CPSC 329 Software Development Fall 2013

Using Violet


Violet is a simple, free, and attractive editor for UML diagrams. (Many editors are lacking in one or more of these qualities!) Violet also supports use case diagrams, and its state diagram mode can be used for use cases (though that's not what it is really intended for).

Running Violet



into your shell. You should get a splash screen, followed shortly by either a rather Windows-like display allowing you to select a drawing type or a recent file, or the editor window itself.

If you get the Windows-like display, choose an existing file you want to open or select "Class Diagram" to create a new UML class diagram, "Use Case Diagram" to create a new use case diagram, or "State Diagram" to create use cases.

Using Violet

There's not much to using Violet:

  1. Click on the desired diagram tool (right side of the window).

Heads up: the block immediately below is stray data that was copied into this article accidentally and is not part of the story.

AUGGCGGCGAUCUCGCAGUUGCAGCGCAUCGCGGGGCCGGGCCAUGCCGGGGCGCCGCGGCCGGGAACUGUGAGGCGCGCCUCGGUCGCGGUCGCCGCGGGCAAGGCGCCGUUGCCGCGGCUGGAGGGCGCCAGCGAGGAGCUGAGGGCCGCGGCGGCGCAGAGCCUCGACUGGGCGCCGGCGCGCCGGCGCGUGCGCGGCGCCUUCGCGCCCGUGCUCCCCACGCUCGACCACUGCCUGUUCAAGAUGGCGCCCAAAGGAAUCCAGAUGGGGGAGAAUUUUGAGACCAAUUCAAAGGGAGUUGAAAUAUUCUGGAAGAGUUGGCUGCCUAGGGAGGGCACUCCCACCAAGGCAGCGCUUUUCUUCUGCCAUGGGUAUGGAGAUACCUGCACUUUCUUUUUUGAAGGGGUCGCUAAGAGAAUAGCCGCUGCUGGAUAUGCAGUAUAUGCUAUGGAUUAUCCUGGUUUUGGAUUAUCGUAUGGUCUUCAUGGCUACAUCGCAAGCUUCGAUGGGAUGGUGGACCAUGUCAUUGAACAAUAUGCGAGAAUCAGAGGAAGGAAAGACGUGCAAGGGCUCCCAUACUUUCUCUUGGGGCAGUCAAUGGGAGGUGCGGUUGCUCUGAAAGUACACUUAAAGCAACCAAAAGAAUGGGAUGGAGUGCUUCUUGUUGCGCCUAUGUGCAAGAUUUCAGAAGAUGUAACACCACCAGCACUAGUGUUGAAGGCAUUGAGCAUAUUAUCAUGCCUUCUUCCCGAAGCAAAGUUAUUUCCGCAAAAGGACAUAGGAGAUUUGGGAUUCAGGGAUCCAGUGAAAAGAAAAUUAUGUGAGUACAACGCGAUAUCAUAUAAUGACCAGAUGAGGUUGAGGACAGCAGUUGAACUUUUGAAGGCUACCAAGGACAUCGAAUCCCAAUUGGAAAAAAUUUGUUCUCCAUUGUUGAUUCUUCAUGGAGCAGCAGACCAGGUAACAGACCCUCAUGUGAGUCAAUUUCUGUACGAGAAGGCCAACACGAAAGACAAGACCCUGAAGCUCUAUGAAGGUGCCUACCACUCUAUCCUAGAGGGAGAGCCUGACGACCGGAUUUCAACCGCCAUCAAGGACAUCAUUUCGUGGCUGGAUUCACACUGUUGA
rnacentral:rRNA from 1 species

2. Click in the drawing area to place a thing or click-and-drag from one thing to another to place a connecting arrow or line.
  3. Right-click on the thing or line you've just placed to configure its options (including naming it, adding attributes or methods to a class, adding annotations to the line, etc).
  4. Save when you are done (and periodically along the way in case something crashes).
  5. Maybe print your diagram, too.

Using Violet Outside the Lab

I've found Violet to be pretty much unusable when run over the network (i.e. displayed on a machine other than the one where it is running). If you want to use it on your own computer:

This should work on Windows and Mac as well as Linux. (On Windows you may be able to double-click on the jar file to run it.)

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